If justice was the goal, once his guilt was determined Sgt Bales should have been turned over to the local community for punishment. Isn't that what we all expect of justice?



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Re: Should America/NATO support Syrian resistance the way it did in Libya?

Post by halfwise on Tue Jun 11, 2013 4:29 pm

I think if it's our own government, we excuse leniency (it could be me!). Serial killers are rarely executed. In fact the death penalty is very unevenly applied in this country.

But we want harsh punishments if it's a foreign government. The Afghans have every reason to want the death penalty, and perhaps we can use the complicity Petty talks about as an excuse to give it to them, rather than as an excuse to hold back.

It might give the Afghans a reason to stand up to the thugs that are running around if they feel the foreign soldiers deal strongly with their own.

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Re: Should America/NATO support Syrian resistance the way it did in Libya?

Post by David H on Tue Jun 11, 2013 4:38 pm

Agreed. Double standards buy us a lot more enemies than friends. As I've said before, I wish the USA wasn't a "superpower". But since we don't seem to have a choice in the matter, I'd think we owe it to everybody to hold ourselves to at least as high a standard as we expect of others.
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Re: Should America/NATO support Syrian resistance the way it did in Libya?

Post by Pettytyrant101 on Tue Jun 11, 2013 4:41 pm

"He's on our team, so we have to defend him, right or wrong."- David

Close but not the same. Rather that we defend him automatically because he is ours, its more we defend him because we may feel some responsibility and therefore guilt that we might have helped make him.

Yes he was trained to only kill within specific parameters but we havent seen what he my have seen, felt the consistent minute by minute pressure of just being there knowing people would tear you apart alive given half a chance.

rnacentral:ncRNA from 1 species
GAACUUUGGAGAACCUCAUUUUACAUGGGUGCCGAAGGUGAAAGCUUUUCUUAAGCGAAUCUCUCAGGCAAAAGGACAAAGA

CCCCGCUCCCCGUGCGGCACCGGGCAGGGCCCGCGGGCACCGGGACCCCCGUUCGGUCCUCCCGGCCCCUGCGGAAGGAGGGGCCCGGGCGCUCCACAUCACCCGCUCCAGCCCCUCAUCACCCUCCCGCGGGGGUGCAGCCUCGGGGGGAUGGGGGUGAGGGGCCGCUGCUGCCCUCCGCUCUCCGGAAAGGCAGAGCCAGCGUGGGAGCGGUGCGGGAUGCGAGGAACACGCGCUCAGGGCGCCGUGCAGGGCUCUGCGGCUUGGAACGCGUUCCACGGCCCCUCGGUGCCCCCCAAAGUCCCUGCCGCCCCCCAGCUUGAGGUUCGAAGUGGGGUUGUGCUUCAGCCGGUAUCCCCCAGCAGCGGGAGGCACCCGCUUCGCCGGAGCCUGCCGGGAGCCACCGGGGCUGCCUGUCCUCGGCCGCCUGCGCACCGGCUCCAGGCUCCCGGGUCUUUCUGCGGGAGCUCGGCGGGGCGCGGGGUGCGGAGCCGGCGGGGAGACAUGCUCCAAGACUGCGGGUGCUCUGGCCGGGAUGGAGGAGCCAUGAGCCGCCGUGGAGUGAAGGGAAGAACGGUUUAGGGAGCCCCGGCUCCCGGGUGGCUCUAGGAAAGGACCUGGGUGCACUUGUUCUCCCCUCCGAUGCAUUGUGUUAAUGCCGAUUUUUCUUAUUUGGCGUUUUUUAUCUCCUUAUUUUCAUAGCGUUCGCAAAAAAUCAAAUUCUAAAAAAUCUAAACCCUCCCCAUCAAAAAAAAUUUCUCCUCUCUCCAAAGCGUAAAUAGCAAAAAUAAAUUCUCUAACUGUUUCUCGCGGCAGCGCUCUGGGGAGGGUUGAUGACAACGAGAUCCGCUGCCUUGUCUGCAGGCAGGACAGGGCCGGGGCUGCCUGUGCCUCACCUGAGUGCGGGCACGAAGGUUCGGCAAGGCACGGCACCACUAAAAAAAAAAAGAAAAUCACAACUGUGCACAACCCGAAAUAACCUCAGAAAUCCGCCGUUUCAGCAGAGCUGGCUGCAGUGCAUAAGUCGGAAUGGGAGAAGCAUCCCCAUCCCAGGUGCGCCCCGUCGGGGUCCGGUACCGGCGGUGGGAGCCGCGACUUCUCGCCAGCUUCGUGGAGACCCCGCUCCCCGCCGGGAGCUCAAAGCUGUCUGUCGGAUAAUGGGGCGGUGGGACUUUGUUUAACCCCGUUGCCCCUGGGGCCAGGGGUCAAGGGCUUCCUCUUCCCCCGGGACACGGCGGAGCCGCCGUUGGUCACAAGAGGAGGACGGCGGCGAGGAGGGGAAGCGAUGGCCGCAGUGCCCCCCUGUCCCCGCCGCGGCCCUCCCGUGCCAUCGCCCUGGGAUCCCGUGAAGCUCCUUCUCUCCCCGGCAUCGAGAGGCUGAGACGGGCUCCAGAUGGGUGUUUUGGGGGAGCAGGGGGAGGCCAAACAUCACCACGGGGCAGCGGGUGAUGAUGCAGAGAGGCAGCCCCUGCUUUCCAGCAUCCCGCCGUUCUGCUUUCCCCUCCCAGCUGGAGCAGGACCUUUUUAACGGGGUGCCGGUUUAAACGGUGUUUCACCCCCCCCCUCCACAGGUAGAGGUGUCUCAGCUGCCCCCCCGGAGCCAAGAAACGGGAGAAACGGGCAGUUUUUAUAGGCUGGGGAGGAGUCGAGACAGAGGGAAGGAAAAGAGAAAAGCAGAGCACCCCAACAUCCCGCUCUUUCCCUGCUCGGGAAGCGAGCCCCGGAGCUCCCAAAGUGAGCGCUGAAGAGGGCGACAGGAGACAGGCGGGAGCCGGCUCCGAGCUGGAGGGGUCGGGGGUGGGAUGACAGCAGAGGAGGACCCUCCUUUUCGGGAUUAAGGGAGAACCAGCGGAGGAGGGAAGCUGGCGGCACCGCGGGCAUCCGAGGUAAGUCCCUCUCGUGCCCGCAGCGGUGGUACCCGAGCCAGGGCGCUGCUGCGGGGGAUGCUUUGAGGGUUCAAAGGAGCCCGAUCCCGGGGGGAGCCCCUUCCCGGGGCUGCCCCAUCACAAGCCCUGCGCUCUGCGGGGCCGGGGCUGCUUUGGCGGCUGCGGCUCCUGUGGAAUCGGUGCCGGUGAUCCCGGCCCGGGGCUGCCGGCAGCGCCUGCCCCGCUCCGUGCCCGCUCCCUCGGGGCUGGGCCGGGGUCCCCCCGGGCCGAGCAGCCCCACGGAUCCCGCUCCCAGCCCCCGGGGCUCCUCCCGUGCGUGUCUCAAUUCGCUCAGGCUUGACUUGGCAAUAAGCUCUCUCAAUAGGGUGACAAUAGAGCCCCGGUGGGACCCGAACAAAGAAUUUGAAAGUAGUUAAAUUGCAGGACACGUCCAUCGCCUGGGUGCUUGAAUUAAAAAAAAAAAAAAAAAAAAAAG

Again this is not to excuse anything, but to perhaps explain why we find it harder to just condemn him to death.

"If justice was the goal, once his guilt was determined Sgt Bales should have been turned over to the local community for punishment. Isn't that what we all expect of justice?"

Not my idea of justice, sounds like mob rule.
One of the few things humans have been smart enough to realise is that we are terrible people taken all in, and therefore need rules that are above or beyond us but agreed upon to keep us in check. And that dispassionately evaluate the facts.
Justice is for him to stand trial before his own peers and laws, for all available evidence to be heard and then his peers will judge him according to the law.
Handing him over to people full of rightful, but not helpful emotional needs for revenge to do with what they will is not what Id call justice.


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Re: Should America/NATO support Syrian resistance the way it did in Libya?

Post by halfwise on Tue Jun 11, 2013 5:00 pm

Yep, handing him over is not the way to go. Though 90% of the time I don't agree with the death penalty (once applied no appeal will bring you back, and the Innocence Project in the USA has demonstrated just how poor our justice system is in judging guilt) this is one case where I think it would be the right thing to do.

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Re: Should America/NATO support Syrian resistance the way it did in Libya?

Post by David H on Tue Jun 11, 2013 5:03 pm

Pettytyrant101 wrote:
Not my idea of justice, sounds like mob rule.
One of the few things humans have been smart enough to realise is that we are terrible people taken all in, and therefore need rules that are above or beyond us but agreed upon to keep us in check. And that dispassionately evaluate the facts.
Justice is for him to stand trial before his own peers and laws, for all available evidence to be heard and then his peers will judge him according to the law.
Handing him over to people full of rightful, but not helpful emotional needs for revenge to do with what they will is not what Id call justice.


OK then. Let's think of an English soldier of a past century who commits a crime against a Scottish citizen. Are you saying it wouldn't be justice to punish him under Scottish law because of the emotional state of Scotland? That he needs to be tried by Englishmen who can more properly appreciate and sympathize with his prejudices? That a white man should have a white jury? The jury of peers is a difficult concept to reconcile some times....